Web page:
Hey Dell! GNU/Linux Runs on ARM servers!

Dell said Are there enough benefits from that architecture for porting your code over to that new instruction set […] and [having to] maintain two different software stacks?

What porting? GNU/Linux already runs on ARM. PHP and MySQL already run on GNU/Linux. Dell is forgetting that any porting costs are a minimal one-time thing but the energy/cost savings last the life of the server. Perhaps they were thinking of that other OS which is just now being ported to ARM. Dell, don’t wait for M$’s vapourware. Sell ARMed servers on price/performance.

Dell is not the only company that has allowed M$ to dictate technology and it won’t be the last but this is the 21st century and there is no excuse for this lack of vision. We have seen it all before.

About Robert Pogson

I am a retired teacher in Canada. I taught in the subject areas where I have worked for almost forty years: maths, physics, chemistry and computers. I love hunting, fishing, picking berries and mushrooms, too.
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5 Responses to Hey Dell! GNU/Linux Runs on ARM servers!

  1. ChrisTX says:

    “However, I could see large hosting providers who support PHP or Python/Django web apps for their customers, benefitting from a wholesale move to ARM.”

    Hosting providers mainly run RHEL. As I said, without Plesk or cPanel that’s not gonna happen.

    As the Dell guy said, if there is a demand for it, it will also happen. However, the question is, is there a demand for it?

    “Imagine how much money Google would save on AppEngine operating costs were they to move to ARM.”

    If they forced customers to run non-standard Java, yes. Otherwise nothing.

  2. They have huge farms, to be sure, but we still do not know whether they can get more processes/MIPS in a rack with ARM. I am sure they will be looking at ARM sooner or later. ARM still lacks 64bitness which could be a problem for large databases.

  3. oldman says:

    This is business Pog? the simple fact is that Server class x86_64 technology runs rings around all of the ARM designs currently in production. When you add to this the fact that the current installed base of commercial Linux applications dont support ARM and that the two major commercial distributions (RedHat and SUSE) dont support ARM, AREm will go nowhere.

    Besodes why would I want an anemic RICS design on a server when I can get a system right running IBM’s IBM Power 7 technology.

    http://www-03.ibm.com/systems/power/hardware/710/browse_aix.html?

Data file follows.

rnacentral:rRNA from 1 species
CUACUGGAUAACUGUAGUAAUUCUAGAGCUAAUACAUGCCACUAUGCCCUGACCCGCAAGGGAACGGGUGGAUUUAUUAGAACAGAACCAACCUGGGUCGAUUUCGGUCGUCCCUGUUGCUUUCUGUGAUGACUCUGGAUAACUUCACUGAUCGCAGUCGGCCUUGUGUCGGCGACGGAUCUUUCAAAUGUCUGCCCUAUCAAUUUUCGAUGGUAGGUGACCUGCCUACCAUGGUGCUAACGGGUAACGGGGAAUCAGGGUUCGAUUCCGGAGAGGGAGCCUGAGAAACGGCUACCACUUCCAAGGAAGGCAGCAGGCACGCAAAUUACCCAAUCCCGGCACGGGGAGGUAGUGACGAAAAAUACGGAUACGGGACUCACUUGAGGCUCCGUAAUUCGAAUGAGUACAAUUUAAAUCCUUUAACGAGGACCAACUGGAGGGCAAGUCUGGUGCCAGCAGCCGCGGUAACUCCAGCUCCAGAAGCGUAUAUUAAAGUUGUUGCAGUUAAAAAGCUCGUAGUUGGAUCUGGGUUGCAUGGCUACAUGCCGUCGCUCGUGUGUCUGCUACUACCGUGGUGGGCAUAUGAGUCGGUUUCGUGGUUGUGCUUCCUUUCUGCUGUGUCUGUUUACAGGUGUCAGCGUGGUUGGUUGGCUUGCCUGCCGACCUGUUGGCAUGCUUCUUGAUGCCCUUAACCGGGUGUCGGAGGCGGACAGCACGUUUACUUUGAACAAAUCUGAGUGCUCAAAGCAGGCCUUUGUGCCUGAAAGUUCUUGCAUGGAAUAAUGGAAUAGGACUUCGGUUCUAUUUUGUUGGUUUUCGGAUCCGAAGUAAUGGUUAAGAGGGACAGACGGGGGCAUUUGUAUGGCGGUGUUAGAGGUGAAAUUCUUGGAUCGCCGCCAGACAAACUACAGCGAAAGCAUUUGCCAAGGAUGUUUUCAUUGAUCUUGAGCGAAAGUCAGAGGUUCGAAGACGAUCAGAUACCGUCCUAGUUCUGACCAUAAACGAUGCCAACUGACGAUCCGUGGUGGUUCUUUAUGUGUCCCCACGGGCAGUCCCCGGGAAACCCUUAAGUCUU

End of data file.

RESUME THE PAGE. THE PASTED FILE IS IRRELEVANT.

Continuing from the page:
4. Dan Serban says:

    Fair point on the hard to port in-house applications.
    However, I could see large hosting providers who support PHP or Python/Django web apps for their customers, benefitting from a wholesale move to ARM.
    Imagine how much money Google would save on AppEngine operating costs were they to move to ARM. Who knows, maybe they are even considering it as we speak.

  5. ChrisTX says:

    He is obviously not talking about PHP and MySQL. You can run Apache+MySQL+PHP pretty much anywhere, that’s not the point.

    But most companies don’t want MySQL, they need somewhat more up the ladder, and you’ll find you’re going to have a nice time trying to run for instance Oracle’s DB on it. ( Just one example )
    Not only that, Java EE does not run on ARM either.

    Even worse, neither CentOS/SL/RHEL nor SLES/SLED support ARM. Have a nice time finding a vendor that would support you there. Or software that requires either distro (in prop. software market, a lot do).

    Yet, all that wasn’t even what he referred to. If there were considerable ARM advantages for servers, that would appear, no question on that.

    However, current, ie. C/C++ in house written applications would be hard to port. If you’ve got a major application powering a lot of your business, and it doesn’t run on ARM, you can either a) invest the money so it does or b) stay with x86. If the modifications outweight the ARM advantage, it won’t happen.

    Anyway, as far as LAMP is concerned, I am not sure whether either Plesk or cPanel support ARM.

    Currently, ARM is very questionable therefore. As far as Windows -> ARM is concerned, I wouldn’t be so sure we’d see Windows Server as ARM release (even though it would be technically possible, as it’s the same codebase – but Windows 7 wasn’t released for IA64 either).

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